In the coming days, Ontario electricity officials will release new rules for host community engagement for wind energy companies seeking to build wind farms in the province. It marks a pivotal moment for a province that has lost the puck on this file but is trying hard to get it back. The problem is that there are six years of momentum and mistrust to reverse. Recent events suggest that it will not be an easy task.
In November, Health Canada released results of an extensive study of potential health impacts from wind turbine noise. As was reported widely at the time, researchers found no direct causal relation between noise levels and either self-reported or measured health impacts. From a social science perspective, the strangest finding from the Health Canada study was that people in Ontario were 3.3 times more likely to express annoyance over wind turbine noise compared to those exposed to the same wind turbine sound levels in Prince Edward Island. Clearly, there are factors above and beyond the physical characteristics of this technology that make Ontario neighbours of wind projects particularly unhappy. The biggest is a lack of trust in the siting process for wind farms.
Problems with siting wind farms were catalyzed by the Green Energy Act put in place six years ago. The act was very successful in attracting investment and interest from wind energy developers. Fixed 20-year contracts at guaranteed rates were part of the attraction, but just as important was a streamlined approval process that reduced the approval authority of municipal governments and eliminated the need for developers to negotiate for local zoning approval. Residents of host communities had very limited opportunity to influence development decisions.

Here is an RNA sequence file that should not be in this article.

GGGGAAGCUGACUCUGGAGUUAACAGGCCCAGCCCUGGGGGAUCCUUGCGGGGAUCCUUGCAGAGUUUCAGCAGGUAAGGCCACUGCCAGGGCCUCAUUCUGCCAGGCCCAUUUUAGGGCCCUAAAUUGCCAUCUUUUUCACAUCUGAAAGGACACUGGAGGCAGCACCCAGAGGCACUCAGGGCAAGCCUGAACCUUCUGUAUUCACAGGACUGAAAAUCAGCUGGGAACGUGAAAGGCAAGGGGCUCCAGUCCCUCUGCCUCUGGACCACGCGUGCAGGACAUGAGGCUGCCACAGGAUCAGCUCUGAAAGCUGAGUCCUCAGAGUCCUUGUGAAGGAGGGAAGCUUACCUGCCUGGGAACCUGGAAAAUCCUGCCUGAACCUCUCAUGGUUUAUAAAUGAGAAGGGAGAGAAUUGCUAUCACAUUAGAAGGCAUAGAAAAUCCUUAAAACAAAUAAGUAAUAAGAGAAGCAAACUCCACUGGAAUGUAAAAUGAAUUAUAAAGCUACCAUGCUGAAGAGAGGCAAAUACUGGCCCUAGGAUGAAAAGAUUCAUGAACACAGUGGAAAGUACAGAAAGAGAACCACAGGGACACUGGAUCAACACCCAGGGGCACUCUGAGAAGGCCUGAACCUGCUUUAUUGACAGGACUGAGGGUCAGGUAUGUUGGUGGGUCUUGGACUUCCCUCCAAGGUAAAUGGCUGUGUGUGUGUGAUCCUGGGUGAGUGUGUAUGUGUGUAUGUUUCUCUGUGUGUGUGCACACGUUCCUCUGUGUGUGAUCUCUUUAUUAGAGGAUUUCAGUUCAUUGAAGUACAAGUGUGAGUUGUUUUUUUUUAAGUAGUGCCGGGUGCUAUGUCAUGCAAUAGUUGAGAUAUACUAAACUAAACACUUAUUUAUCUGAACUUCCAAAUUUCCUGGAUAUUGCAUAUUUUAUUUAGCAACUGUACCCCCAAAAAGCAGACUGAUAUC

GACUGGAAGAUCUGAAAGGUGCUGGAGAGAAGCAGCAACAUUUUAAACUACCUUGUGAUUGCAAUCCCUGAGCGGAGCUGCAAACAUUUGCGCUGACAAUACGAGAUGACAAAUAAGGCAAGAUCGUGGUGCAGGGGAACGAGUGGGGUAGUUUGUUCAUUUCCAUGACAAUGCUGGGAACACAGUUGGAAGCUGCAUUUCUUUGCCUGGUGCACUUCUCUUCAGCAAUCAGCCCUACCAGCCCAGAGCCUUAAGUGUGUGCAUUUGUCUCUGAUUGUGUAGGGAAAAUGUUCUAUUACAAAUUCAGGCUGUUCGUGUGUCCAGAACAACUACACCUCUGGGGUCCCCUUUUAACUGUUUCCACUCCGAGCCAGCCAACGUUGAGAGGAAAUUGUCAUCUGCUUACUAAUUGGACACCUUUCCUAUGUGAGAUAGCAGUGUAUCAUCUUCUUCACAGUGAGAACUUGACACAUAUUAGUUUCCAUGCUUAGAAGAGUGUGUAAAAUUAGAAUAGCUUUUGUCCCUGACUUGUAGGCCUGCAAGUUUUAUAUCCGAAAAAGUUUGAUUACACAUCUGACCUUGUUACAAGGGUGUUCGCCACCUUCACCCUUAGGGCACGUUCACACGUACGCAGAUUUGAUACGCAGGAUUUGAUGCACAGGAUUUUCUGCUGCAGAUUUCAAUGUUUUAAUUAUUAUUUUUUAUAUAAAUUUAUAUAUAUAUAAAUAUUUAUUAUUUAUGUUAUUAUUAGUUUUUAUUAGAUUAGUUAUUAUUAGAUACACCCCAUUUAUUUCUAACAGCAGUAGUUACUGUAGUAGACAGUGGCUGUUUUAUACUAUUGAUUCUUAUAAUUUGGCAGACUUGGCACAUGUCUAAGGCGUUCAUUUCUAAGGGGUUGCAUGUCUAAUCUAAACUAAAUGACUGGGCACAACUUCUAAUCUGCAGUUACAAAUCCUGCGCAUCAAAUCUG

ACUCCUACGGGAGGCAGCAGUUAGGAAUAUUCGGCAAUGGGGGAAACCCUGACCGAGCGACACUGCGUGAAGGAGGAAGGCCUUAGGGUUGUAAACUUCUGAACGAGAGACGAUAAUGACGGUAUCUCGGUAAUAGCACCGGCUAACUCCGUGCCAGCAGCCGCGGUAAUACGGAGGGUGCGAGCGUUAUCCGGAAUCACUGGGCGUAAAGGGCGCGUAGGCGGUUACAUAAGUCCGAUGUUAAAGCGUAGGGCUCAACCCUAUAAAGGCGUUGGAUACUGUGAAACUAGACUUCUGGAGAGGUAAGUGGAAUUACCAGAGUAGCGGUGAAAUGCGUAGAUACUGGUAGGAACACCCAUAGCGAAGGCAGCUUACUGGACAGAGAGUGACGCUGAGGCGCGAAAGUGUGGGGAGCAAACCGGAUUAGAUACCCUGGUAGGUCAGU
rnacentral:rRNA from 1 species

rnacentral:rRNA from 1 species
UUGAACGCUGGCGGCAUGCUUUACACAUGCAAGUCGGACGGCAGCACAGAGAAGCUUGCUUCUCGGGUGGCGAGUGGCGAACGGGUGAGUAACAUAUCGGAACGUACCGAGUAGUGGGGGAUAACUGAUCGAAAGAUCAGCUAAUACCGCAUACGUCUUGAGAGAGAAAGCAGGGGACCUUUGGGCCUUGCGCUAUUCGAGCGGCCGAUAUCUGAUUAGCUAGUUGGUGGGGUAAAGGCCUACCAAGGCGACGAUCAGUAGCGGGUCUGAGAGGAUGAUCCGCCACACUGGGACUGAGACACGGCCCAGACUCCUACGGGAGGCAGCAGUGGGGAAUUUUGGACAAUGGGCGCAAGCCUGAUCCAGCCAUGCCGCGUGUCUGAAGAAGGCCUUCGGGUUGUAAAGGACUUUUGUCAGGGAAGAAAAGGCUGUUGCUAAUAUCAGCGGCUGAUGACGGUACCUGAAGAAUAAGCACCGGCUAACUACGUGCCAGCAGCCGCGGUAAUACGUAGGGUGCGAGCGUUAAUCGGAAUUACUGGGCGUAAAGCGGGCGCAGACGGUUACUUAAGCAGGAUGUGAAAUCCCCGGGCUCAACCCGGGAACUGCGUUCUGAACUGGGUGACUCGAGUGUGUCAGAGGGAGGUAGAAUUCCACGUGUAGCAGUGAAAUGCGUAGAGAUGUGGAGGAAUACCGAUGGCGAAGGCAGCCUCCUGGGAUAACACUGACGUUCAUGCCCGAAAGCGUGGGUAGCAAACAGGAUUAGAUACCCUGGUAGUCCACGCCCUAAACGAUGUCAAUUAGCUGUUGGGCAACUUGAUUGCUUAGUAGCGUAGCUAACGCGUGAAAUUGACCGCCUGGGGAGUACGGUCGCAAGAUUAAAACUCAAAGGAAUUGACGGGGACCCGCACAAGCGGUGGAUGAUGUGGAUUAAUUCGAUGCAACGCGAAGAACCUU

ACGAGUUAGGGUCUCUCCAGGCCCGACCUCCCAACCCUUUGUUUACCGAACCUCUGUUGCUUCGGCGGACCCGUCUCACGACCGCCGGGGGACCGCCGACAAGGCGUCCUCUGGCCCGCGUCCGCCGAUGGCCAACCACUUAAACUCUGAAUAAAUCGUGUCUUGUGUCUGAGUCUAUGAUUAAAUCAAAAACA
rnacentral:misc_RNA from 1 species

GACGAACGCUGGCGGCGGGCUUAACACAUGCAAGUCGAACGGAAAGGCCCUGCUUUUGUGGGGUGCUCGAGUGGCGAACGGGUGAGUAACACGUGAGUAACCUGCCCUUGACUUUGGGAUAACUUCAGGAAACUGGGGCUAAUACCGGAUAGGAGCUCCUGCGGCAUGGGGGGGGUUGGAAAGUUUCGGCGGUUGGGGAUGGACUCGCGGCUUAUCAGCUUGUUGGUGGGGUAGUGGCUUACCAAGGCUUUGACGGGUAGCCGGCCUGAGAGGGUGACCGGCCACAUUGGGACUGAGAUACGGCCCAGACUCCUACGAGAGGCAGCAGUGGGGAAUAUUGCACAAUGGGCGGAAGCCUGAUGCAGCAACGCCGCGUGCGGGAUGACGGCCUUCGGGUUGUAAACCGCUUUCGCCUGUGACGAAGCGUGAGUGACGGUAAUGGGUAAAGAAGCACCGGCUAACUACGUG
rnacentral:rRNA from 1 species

This lack of influence quickly translated into a drop in support for wind energy locally and generally. Only a quarter of residents in communities faced with hosting wind turbines are supportive, according to recent Ontario research.
In the general population, support has slipped from 89% of Ontarians supportive of wind energy in a 2007 Ipsos Reid poll to 74% support, according to a 2014 poll conducted by the University of Michigan. Not a precipitous change, but significant nonetheless. Another significant measure of a lack of trust in wind energy is the 89 municipal governments who have signed on to “unwilling host” declarations. This represents about a fifth of all municipalities in the province.
Now, under the new rules, wind companies that want to sell power to the province will have to competitively bid for the opportunity. Bids that include municipal council support and that can show agreements – not only with landowners hosting turbines – but also with all of their neighbours will be favoured. The proposal to favour bids with agreement of landowners abutting a turbine is not sitting well with developers. They worry this gives too much power to the “last man standing.” It is likely that if such rules existed five years ago, dozens of wind energy projects in the province would not have proceeded.
And that is the dilemma Ontario’s electricity managers face: How to respect public involvement while still making effective development decisions? The province is hoping that the new rules for community engagement and setting up local advisory committees to participate in new regional energy planning discussions will return some control to the file. Officials desperately want to share the responsibility for selling the need for new, large generation plants. The hope is that by involving urban and rural municipalities as well as community leaders, the province will experience less wind energy opposition and also less lobbying for gas plant cancellations.
That is the theory. However, there is substantial pent-up frustration in host communities that still have to face new wind projects approved under the old rules. The changes are unlikely to satisfy this segment of the population. It took six years for the province to lose the trust of host communities; it will take at least that long to start building momentum in the other direction.
Stewart Fast is a postdoctoral fellow in the Queen’s Institute for Energy and Environmental Policy, Queen’s University. Warren Mabee is an associate professor in the Queen’s Institute for Energy and Environmenal Policy, Queen’s University
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